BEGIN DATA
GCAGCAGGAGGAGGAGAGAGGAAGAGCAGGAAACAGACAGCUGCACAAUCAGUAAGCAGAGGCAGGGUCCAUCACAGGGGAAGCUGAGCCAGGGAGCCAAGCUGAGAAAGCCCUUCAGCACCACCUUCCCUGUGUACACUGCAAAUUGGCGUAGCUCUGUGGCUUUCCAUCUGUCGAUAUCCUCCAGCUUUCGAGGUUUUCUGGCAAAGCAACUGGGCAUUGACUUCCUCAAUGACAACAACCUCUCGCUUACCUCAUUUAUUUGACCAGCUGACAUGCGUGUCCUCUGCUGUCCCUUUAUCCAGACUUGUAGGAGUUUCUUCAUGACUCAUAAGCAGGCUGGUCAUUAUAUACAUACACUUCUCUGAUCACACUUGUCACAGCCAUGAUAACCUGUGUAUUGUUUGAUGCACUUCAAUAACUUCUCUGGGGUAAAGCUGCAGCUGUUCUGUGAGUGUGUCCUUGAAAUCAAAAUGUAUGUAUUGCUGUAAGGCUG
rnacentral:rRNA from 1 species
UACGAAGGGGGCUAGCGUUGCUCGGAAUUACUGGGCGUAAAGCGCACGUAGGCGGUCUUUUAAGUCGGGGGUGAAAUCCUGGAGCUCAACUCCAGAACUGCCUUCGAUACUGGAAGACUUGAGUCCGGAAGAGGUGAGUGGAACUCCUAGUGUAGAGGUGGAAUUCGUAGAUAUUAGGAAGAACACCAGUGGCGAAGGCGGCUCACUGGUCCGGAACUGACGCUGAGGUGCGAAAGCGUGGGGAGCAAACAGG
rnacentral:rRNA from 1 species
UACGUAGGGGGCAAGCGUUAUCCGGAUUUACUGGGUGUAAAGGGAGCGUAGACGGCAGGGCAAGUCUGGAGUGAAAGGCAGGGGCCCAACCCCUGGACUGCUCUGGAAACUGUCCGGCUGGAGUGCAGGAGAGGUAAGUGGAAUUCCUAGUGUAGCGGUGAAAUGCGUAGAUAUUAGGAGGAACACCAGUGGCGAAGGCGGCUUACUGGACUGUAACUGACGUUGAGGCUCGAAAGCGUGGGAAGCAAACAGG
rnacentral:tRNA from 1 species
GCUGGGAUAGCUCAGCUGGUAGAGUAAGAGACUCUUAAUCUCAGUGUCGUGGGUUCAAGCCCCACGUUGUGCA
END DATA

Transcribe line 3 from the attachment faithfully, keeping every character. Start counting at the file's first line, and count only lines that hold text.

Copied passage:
UACGAAGGGGGCUAGCGUUGCUCGGAAUUACUGGGCGUAAAGCGCACGUAGGCGGUCUUUUAAGUCGGGGGUGAAAUCCUGGAGCUCAACUCCAGAACUGCCUUCGAUACUGGAAGACUUGAGUCCGGAAGAGGUGAGUGGAACUCCUAGUGUAGAGGUGGAAUUCGUAGAUAUUAGGAAGAACACCAGUGGCGAAGGCGGCUCACUGGUCCGGAACUGACGCUGAGGUGCGAAAGCGUGGGGAGCAAACAGG